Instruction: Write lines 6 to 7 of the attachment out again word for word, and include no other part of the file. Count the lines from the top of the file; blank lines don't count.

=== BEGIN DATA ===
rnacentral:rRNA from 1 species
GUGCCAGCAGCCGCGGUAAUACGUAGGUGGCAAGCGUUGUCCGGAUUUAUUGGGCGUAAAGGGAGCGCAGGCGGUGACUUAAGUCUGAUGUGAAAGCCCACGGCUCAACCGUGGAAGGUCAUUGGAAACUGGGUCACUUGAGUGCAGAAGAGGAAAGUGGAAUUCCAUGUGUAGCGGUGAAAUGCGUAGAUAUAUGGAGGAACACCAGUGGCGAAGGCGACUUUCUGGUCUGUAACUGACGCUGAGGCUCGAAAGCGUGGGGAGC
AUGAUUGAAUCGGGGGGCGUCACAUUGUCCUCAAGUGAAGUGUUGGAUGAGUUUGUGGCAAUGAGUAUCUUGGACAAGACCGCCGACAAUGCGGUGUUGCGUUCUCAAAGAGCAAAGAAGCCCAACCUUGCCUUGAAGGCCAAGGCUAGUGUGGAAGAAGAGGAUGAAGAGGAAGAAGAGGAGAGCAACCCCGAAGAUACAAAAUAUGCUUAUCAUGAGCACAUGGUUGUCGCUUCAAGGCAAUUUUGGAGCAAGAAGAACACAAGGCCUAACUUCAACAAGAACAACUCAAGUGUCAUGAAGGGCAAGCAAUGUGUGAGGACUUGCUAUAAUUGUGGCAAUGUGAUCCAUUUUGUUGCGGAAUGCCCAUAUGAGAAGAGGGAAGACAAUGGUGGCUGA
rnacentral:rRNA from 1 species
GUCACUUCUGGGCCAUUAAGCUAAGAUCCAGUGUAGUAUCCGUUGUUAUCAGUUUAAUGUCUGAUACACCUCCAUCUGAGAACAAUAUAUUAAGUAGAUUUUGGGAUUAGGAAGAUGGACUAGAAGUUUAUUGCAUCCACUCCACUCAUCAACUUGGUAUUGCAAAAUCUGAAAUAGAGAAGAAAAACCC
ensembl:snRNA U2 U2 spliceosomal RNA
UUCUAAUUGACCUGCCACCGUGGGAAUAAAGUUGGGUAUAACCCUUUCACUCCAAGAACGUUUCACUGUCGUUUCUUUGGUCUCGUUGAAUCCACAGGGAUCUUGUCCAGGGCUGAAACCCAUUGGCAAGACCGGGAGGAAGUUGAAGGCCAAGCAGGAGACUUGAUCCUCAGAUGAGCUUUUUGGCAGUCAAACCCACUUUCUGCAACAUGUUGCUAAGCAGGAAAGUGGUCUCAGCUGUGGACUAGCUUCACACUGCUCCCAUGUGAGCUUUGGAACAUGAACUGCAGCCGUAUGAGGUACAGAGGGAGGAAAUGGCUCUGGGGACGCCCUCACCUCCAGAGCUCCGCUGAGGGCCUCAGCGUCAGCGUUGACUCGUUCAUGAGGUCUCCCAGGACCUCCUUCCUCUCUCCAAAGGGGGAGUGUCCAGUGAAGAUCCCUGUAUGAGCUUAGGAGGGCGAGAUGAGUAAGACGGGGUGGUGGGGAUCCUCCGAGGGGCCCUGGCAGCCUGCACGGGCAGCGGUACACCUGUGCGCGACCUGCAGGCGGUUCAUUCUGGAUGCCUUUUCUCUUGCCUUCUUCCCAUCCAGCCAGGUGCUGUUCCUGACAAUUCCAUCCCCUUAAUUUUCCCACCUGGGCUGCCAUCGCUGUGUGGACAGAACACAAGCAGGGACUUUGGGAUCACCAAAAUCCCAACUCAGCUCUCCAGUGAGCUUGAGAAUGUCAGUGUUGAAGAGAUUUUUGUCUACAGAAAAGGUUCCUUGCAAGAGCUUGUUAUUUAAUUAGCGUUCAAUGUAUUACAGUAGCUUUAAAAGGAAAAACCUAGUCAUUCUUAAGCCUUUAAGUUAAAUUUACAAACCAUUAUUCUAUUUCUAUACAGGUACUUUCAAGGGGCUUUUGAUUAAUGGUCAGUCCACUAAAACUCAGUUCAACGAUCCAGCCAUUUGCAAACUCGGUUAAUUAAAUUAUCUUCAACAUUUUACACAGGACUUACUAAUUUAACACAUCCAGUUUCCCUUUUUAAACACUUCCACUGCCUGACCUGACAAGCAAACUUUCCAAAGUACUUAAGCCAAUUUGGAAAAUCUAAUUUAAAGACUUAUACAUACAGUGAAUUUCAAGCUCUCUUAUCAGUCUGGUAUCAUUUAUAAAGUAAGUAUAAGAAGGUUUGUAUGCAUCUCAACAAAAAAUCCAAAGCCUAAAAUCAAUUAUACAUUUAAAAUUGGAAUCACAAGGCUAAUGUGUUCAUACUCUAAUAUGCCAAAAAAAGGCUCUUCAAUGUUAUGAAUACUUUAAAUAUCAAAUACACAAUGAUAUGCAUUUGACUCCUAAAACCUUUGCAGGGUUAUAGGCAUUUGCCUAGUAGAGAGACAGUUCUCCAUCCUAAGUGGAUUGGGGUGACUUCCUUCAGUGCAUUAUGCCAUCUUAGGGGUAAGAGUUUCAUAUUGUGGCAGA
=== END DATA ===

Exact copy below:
ensembl:snRNA U2 U2 spliceosomal RNA
UUCUAAUUGACCUGCCACCGUGGGAAUAAAGUUGGGUAUAACCCUUUCACUCCAAGAACGUUUCACUGUCGUUUCUUUGGUCUCGUUGAAUCCACAGGGAUCUUGUCCAGGGCUGAAACCCAUUGGCAAGACCGGGAGGAAGUUGAAGGCCAAGCAGGAGACUUGAUCCUCAGAUGAGCUUUUUGGCAGUCAAACCCACUUUCUGCAACAUGUUGCUAAGCAGGAAAGUGGUCUCAGCUGUGGACUAGCUUCACACUGCUCCCAUGUGAGCUUUGGAACAUGAACUGCAGCCGUAUGAGGUACAGAGGGAGGAAAUGGCUCUGGGGACGCCCUCACCUCCAGAGCUCCGCUGAGGGCCUCAGCGUCAGCGUUGACUCGUUCAUGAGGUCUCCCAGGACCUCCUUCCUCUCUCCAAAGGGGGAGUGUCCAGUGAAGAUCCCUGUAUGAGCUUAGGAGGGCGAGAUGAGUAAGACGGGGUGGUGGGGAUCCUCCGAGGGGCCCUGGCAGCCUGCACGGGCAGCGGUACACCUGUGCGCGACCUGCAGGCGGUUCAUUCUGGAUGCCUUUUCUCUUGCCUUCUUCCCAUCCAGCCAGGUGCUGUUCCUGACAAUUCCAUCCCCUUAAUUUUCCCACCUGGGCUGCCAUCGCUGUGUGGACAGAACACAAGCAGGGACUUUGGGAUCACCAAAAUCCCAACUCAGCUCUCCAGUGAGCUUGAGAAUGUCAGUGUUGAAGAGAUUUUUGUCUACAGAAAAGGUUCCUUGCAAGAGCUUGUUAUUUAAUUAGCGUUCAAUGUAUUACAGUAGCUUUAAAAGGAAAAACCUAGUCAUUCUUAAGCCUUUAAGUUAAAUUUACAAACCAUUAUUCUAUUUCUAUACAGGUACUUUCAAGGGGCUUUUGAUUAAUGGUCAGUCCACUAAAACUCAGUUCAACGAUCCAGCCAUUUGCAAACUCGGUUAAUUAAAUUAUCUUCAACAUUUUACACAGGACUUACUAAUUUAACACAUCCAGUUUCCCUUUUUAAACACUUCCACUGCCUGACCUGACAAGCAAACUUUCCAAAGUACUUAAGCCAAUUUGGAAAAUCUAAUUUAAAGACUUAUACAUACAGUGAAUUUCAAGCUCUCUUAUCAGUCUGGUAUCAUUUAUAAAGUAAGUAUAAGAAGGUUUGUAUGCAUCUCAACAAAAAAUCCAAAGCCUAAAAUCAAUUAUACAUUUAAAAUUGGAAUCACAAGGCUAAUGUGUUCAUACUCUAAUAUGCCAAAAAAAGGCUCUUCAAUGUUAUGAAUACUUUAAAUAUCAAAUACACAAUGAUAUGCAUUUGACUCCUAAAACCUUUGCAGGGUUAUAGGCAUUUGCCUAGUAGAGAGACAGUUCUCCAUCCUAAGUGGAUUGGGGUGACUUCCUUCAGUGCAUUAUGCCAUCUUAGGGGUAAGAGUUUCAUAUUGUGGCAGA